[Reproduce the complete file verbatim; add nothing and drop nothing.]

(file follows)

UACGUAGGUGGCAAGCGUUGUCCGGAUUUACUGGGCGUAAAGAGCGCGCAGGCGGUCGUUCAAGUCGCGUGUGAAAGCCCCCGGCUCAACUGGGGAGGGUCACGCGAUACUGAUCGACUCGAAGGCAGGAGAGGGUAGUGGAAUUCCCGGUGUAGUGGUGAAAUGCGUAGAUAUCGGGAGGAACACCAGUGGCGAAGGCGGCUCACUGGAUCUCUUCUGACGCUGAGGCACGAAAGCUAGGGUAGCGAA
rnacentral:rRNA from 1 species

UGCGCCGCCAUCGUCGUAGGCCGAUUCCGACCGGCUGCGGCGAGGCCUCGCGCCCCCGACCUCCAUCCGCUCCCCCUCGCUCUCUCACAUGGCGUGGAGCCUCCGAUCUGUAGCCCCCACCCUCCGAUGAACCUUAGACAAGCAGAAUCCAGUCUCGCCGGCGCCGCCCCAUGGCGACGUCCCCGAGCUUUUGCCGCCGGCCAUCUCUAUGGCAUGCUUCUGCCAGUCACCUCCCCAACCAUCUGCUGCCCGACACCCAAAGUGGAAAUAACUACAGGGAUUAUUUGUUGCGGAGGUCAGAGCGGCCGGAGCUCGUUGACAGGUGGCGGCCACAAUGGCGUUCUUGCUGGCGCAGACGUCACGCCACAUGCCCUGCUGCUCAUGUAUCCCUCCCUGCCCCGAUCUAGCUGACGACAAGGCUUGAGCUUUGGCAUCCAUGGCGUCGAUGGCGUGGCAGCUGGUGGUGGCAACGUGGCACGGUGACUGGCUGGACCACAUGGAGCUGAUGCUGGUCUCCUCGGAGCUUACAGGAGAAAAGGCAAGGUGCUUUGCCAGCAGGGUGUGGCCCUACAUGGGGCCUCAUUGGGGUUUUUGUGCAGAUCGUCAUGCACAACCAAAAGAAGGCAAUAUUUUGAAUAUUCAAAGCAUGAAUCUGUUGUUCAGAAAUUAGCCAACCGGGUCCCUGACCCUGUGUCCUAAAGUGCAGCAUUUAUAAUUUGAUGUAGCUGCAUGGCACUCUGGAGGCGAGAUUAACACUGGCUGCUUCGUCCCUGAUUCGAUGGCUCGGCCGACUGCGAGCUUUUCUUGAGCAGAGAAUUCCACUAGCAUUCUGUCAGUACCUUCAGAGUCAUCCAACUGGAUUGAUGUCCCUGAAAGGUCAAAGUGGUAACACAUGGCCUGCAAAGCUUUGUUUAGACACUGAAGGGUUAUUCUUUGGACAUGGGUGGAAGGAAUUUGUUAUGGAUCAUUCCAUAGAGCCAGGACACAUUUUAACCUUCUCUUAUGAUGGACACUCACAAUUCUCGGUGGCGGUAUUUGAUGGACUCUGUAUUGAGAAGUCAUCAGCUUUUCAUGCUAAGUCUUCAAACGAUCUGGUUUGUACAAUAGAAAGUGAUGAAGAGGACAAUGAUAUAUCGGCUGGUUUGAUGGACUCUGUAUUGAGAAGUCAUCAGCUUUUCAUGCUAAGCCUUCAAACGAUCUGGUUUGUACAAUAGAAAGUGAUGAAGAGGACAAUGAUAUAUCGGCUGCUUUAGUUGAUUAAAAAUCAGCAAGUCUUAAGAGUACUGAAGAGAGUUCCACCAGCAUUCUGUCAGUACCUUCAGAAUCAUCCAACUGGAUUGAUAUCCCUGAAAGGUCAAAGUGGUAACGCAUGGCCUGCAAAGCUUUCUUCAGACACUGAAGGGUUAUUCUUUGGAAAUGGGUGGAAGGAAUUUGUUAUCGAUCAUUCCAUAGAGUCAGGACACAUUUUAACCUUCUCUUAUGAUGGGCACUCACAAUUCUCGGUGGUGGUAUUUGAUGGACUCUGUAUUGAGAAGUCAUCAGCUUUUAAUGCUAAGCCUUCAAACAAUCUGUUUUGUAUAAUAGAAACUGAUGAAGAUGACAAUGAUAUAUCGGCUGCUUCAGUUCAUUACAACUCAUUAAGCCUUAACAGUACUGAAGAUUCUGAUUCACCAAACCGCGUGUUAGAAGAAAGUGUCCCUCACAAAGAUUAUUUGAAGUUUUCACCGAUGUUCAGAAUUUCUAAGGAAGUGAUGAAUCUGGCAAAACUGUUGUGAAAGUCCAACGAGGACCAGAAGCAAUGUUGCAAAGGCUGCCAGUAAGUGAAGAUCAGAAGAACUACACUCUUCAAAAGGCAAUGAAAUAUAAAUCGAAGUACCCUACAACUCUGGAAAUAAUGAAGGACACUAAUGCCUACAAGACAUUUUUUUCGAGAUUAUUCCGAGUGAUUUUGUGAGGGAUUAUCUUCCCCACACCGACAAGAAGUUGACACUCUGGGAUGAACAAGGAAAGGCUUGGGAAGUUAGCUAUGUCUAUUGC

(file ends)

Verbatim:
UACGUAGGUGGCAAGCGUUGUCCGGAUUUACUGGGCGUAAAGAGCGCGCAGGCGGUCGUUCAAGUCGCGUGUGAAAGCCCCCGGCUCAACUGGGGAGGGUCACGCGAUACUGAUCGACUCGAAGGCAGGAGAGGGUAGUGGAAUUCCCGGUGUAGUGGUGAAAUGCGUAGAUAUCGGGAGGAACACCAGUGGCGAAGGCGGCUCACUGGAUCUCUUCUGACGCUGAGGCACGAAAGCUAGGGUAGCGAA
rnacentral:rRNA from 1 species

UGCGCCGCCAUCGUCGUAGGCCGAUUCCGACCGGCUGCGGCGAGGCCUCGCGCCCCCGACCUCCAUCCGCUCCCCCUCGCUCUCUCACAUGGCGUGGAGCCUCCGAUCUGUAGCCCCCACCCUCCGAUGAACCUUAGACAAGCAGAAUCCAGUCUCGCCGGCGCCGCCCCAUGGCGACGUCCCCGAGCUUUUGCCGCCGGCCAUCUCUAUGGCAUGCUUCUGCCAGUCACCUCCCCAACCAUCUGCUGCCCGACACCCAAAGUGGAAAUAACUACAGGGAUUAUUUGUUGCGGAGGUCAGAGCGGCCGGAGCUCGUUGACAGGUGGCGGCCACAAUGGCGUUCUUGCUGGCGCAGACGUCACGCCACAUGCCCUGCUGCUCAUGUAUCCCUCCCUGCCCCGAUCUAGCUGACGACAAGGCUUGAGCUUUGGCAUCCAUGGCGUCGAUGGCGUGGCAGCUGGUGGUGGCAACGUGGCACGGUGACUGGCUGGACCACAUGGAGCUGAUGCUGGUCUCCUCGGAGCUUACAGGAGAAAAGGCAAGGUGCUUUGCCAGCAGGGUGUGGCCCUACAUGGGGCCUCAUUGGGGUUUUUGUGCAGAUCGUCAUGCACAACCAAAAGAAGGCAAUAUUUUGAAUAUUCAAAGCAUGAAUCUGUUGUUCAGAAAUUAGCCAACCGGGUCCCUGACCCUGUGUCCUAAAGUGCAGCAUUUAUAAUUUGAUGUAGCUGCAUGGCACUCUGGAGGCGAGAUUAACACUGGCUGCUUCGUCCCUGAUUCGAUGGCUCGGCCGACUGCGAGCUUUUCUUGAGCAGAGAAUUCCACUAGCAUUCUGUCAGUACCUUCAGAGUCAUCCAACUGGAUUGAUGUCCCUGAAAGGUCAAAGUGGUAACACAUGGCCUGCAAAGCUUUGUUUAGACACUGAAGGGUUAUUCUUUGGACAUGGGUGGAAGGAAUUUGUUAUGGAUCAUUCCAUAGAGCCAGGACACAUUUUAACCUUCUCUUAUGAUGGACACUCACAAUUCUCGGUGGCGGUAUUUGAUGGACUCUGUAUUGAGAAGUCAUCAGCUUUUCAUGCUAAGUCUUCAAACGAUCUGGUUUGUACAAUAGAAAGUGAUGAAGAGGACAAUGAUAUAUCGGCUGGUUUGAUGGACUCUGUAUUGAGAAGUCAUCAGCUUUUCAUGCUAAGCCUUCAAACGAUCUGGUUUGUACAAUAGAAAGUGAUGAAGAGGACAAUGAUAUAUCGGCUGCUUUAGUUGAUUAAAAAUCAGCAAGUCUUAAGAGUACUGAAGAGAGUUCCACCAGCAUUCUGUCAGUACCUUCAGAAUCAUCCAACUGGAUUGAUAUCCCUGAAAGGUCAAAGUGGUAACGCAUGGCCUGCAAAGCUUUCUUCAGACACUGAAGGGUUAUUCUUUGGAAAUGGGUGGAAGGAAUUUGUUAUCGAUCAUUCCAUAGAGUCAGGACACAUUUUAACCUUCUCUUAUGAUGGGCACUCACAAUUCUCGGUGGUGGUAUUUGAUGGACUCUGUAUUGAGAAGUCAUCAGCUUUUAAUGCUAAGCCUUCAAACAAUCUGUUUUGUAUAAUAGAAACUGAUGAAGAUGACAAUGAUAUAUCGGCUGCUUCAGUUCAUUACAACUCAUUAAGCCUUAACAGUACUGAAGAUUCUGAUUCACCAAACCGCGUGUUAGAAGAAAGUGUCCCUCACAAAGAUUAUUUGAAGUUUUCACCGAUGUUCAGAAUUUCUAAGGAAGUGAUGAAUCUGGCAAAACUGUUGUGAAAGUCCAACGAGGACCAGAAGCAAUGUUGCAAAGGCUGCCAGUAAGUGAAGAUCAGAAGAACUACACUCUUCAAAAGGCAAUGAAAUAUAAAUCGAAGUACCCUACAACUCUGGAAAUAAUGAAGGACACUAAUGCCUACAAGACAUUUUUUUCGAGAUUAUUCCGAGUGAUUUUGUGAGGGAUUAUCUUCCCCACACCGACAAGAAGUUGACACUCUGGGAUGAACAAGGAAAGGCUUGGGAAGUUAGCUAUGUCUAUUGC